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How to Shrink Your Photos to Fit the Forum 800 Pixel Size

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MadModders forum asks that if you attach a photo, it be no wider than 800 pixels. This helps readability on most computer screens, by eliminating the sideways scroll bar. It also saves forum storage space and allows pages to load faster.

What are pixels? Well just the dots on your screen that make up an image. Pixels sizes are not the same thing as file sizes. It is possible to have a small file size, like a 40 kB photo and yet be an image that is greater than 800 pixels wide. Or a 40 kB image could be 200 pixels wide.

So what we want to do with large photos is shrink them by specifying their finished width in pixels, and not worry too much about what the final file size is.

To shrink an image to fit the forum you can use just about any photo editor, either natively on your computer or phone, or online through a number of websites. I'm going to provide here an example of using MTPaint, a very simple free photo editor, that I have loaded on my Linux computer (it's available for other OSs as well). But the steps to shrink your photo will be similar on just about any other photo editor. (Note: you can also use an online photo resizer -- see post #5 below).

With any photo, I first load it into MTPaint, and then click on the top toolbar Image and then select  Scale Canvas from the dropdown menu, like so:


That step opens a second dialog with a number of choices in it. The only choice we need to make in MTPaint is change the New Width amount (shown here as 2848 pixels) to 800 pixels, and then make sure that the Fix Aspect Ratio choice is checked.

"Fix aspect ratio" here means that you want to shrink both the width and the height of your photo by the same proportion. Otherwise MTPaint would just make it narrower but keep the height as it was -- distorting your finished photo's appearance. Most other editors have something similar -- sometimes a breakable "link" between height and width, or referring to something other than "aspect ratio". Anyway they all do the same thing with slightly varying terminology.

(Note: when you change the Width figure in MTPaint, the height figure doesn't appear to re-compute until you click on something else in the dialog. Don't worry, it will re-compute the height in any case when you close the dialog, and yield a properly proportioned image.)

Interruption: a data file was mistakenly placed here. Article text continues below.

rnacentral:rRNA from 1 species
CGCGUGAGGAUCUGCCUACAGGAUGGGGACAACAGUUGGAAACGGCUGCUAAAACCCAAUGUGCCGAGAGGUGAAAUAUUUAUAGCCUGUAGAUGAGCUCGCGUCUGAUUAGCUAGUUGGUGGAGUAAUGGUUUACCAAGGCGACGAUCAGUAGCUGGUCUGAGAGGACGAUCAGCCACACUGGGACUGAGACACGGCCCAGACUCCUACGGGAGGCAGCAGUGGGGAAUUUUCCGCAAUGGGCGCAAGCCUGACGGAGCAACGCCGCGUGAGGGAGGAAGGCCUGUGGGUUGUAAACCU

Ready to shrink to 800 pixels wide. (Note that MTPaint has re-computed the height already to 600 pixels to keep the photo proportions correct.)


Hit Okay in the dialog and your photo will be resized. Now we want to save it as a new file. Generally we don't want to overwrite our original because it has greater resolution and detail. We will pick a new name for our smaller picture.

To save with a new name, first click on File in the top toolbar, then Save As to give it a new name. If you just clicked on Save, MTPaint would overwrite your original file with the new pic.


A dialog will open to ask where you want to save your new file,  what its filetype is, and what its new name should be.

So, navigate to where you want to save your file. Then choose the filetype you want:

JPEG is the most efficient filetype for actual photographs, and preferred for that on the forum.

PNG is much larger (and wasteful) for forum photos, but much better and reasonably compact for line art (like diagrams, CAD and line drawings, etc).

Also the image quality is adjustable for JPEGs: 90% is a good all-around jpeg save quality. It's probably the default if you use MTPaint, and don't specify it. It makes for a nice compact filesize without sacrificing quality on a typical screen for the subjects we commonly present.

Finally choose a new name for your photo. I sometimes add a number to the original name (like the "2" below) or add "-sm" to indicate it is a smaller version of the original -- what you do is up to you.


And here is the result of shrinking the photo. The original was 1440 kB in size (1.4 megabytes) and the new 800 pixel  file is 97kB in size or about 1/15 ! That's a huge savings in forum storage and page loading speed. Yet the photo is a comfortable viewing size on most computer screens.

I've tried to be very specific in the steps above for newcomers and those unused to photo editing. But really, all you have to do is open your photo in the editor, and change the pixel width to 800 and then save the new photo with a new name. Most of the other defaults are set properly in most programs -- it's pretty much a 1 step process. Hope this helps!



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